New Plymouth councillor the first to volunteer to have his water metered

New Plymouth District councillor Richard Handley is the first person to volunteer to have a water meter installed on his ...
GRANT MATTHEW/STUFF

New Plymouth District councillor Richard Handley is the first person to volunteer to have a water meter installed on his residential property.

Sheltering under an umbrella Richard Handley ventured out in the pouring rain to show off his new water meter.

Handley, a New Plymouth District councillor, is the first person in the New Plymouth district to volunteer to have his residential water use measured by a meter. 

The New Plymouth District Council was encouraging people to volunteer to get a water meter in an attempt to lower the district's water usage, which at 336 litres per person per day is much higher than the New Zealand average of 275 litres.  

Now he has the meter Handley would be charged for the water he used, he said. At the moment residential ratepayers pay $288.44 on their rates bill for water, but if he uses less than average, Handley will pay less.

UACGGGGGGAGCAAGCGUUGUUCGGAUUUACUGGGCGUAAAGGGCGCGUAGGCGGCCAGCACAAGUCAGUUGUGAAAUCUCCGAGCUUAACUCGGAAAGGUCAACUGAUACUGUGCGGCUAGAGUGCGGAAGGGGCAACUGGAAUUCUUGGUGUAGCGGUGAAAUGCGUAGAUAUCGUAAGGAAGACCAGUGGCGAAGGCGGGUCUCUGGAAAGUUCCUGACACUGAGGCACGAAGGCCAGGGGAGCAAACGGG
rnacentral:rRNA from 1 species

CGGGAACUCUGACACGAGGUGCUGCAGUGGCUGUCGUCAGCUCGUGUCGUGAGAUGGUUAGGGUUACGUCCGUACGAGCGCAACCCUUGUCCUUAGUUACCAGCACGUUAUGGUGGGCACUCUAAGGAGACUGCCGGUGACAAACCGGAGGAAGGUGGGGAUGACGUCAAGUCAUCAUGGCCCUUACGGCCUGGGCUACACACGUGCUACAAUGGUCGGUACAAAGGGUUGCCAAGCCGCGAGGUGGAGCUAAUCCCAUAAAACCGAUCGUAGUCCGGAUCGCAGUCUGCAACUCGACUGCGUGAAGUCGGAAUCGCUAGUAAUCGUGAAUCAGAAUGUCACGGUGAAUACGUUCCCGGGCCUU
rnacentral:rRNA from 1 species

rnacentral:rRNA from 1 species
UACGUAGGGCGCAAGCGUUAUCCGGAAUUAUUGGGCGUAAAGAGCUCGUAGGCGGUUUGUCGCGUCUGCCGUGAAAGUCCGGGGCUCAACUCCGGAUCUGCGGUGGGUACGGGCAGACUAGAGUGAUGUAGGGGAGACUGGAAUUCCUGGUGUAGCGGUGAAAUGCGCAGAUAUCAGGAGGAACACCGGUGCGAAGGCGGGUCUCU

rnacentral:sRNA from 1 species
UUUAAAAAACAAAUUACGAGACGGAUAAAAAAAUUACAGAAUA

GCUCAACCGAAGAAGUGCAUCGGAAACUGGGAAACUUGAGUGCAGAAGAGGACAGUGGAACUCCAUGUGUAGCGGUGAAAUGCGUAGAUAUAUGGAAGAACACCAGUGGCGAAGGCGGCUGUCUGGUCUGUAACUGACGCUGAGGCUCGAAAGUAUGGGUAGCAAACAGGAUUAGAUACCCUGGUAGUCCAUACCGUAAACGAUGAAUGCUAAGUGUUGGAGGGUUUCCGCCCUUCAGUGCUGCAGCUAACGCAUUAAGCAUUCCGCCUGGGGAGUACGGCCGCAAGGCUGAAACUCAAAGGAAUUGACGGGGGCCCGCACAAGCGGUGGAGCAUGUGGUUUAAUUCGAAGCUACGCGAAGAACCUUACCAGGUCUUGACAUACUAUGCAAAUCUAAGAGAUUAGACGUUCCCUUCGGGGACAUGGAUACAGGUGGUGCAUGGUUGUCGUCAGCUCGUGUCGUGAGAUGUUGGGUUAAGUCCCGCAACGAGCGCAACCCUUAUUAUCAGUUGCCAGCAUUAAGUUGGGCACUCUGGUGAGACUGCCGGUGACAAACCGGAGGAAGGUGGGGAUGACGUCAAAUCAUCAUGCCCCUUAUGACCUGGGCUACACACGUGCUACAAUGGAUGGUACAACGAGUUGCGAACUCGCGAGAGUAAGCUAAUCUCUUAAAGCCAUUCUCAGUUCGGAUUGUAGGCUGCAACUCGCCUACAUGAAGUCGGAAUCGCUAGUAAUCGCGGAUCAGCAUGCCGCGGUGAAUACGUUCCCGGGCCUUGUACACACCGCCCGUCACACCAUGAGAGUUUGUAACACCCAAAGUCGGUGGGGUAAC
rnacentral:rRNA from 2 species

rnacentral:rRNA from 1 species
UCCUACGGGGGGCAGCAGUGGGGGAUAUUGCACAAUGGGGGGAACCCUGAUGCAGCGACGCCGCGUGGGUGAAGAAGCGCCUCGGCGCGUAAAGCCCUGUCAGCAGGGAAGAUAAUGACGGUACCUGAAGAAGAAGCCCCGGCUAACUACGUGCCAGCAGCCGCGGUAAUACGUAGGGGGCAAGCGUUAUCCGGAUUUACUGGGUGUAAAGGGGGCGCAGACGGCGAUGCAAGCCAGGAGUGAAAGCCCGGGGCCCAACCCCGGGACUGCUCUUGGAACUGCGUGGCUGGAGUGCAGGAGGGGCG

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Handley doesn't think having his water metered will end up costing him more. 

"I'd be surprised if we used more than the average. There's only Virginia and I in this house plus a few grandkids from time to time. We're fairly careful with water."

Many residential properties in New Plymouth already have water meters and since 2014 all new subdivisions have had to have water meters installed for each home.

The metering of water has long been discussed as an option to reduce water usage in the district and therefore potentially defer millions of dollars in upgrades to infrastructure. 

While the lack of water isn't an issue in New Plymouth, storage is. Lake Mangamahoe, which covers 70 acres, is New Plymouth's largest water source and would provide water for about 10 days, at the maximum, if it didn't rain.

Council infrastructure manager David Langford said a water meter would be great for someone on a fixed income.

"Or someone who lives on their own, because they don't use very much water, because it's just them. So that will decrease their rates because they will only pay what they use. But it's completely voluntary at the moment."  

Water consumption had dropped significantly when meters were introduced in other parts of the country, he said.

"All the information we have at the moment shows that those local authorities that have 100 per cent water metering have the lowest water consumption. There's a strong correlation between the two." 

 - Stuff

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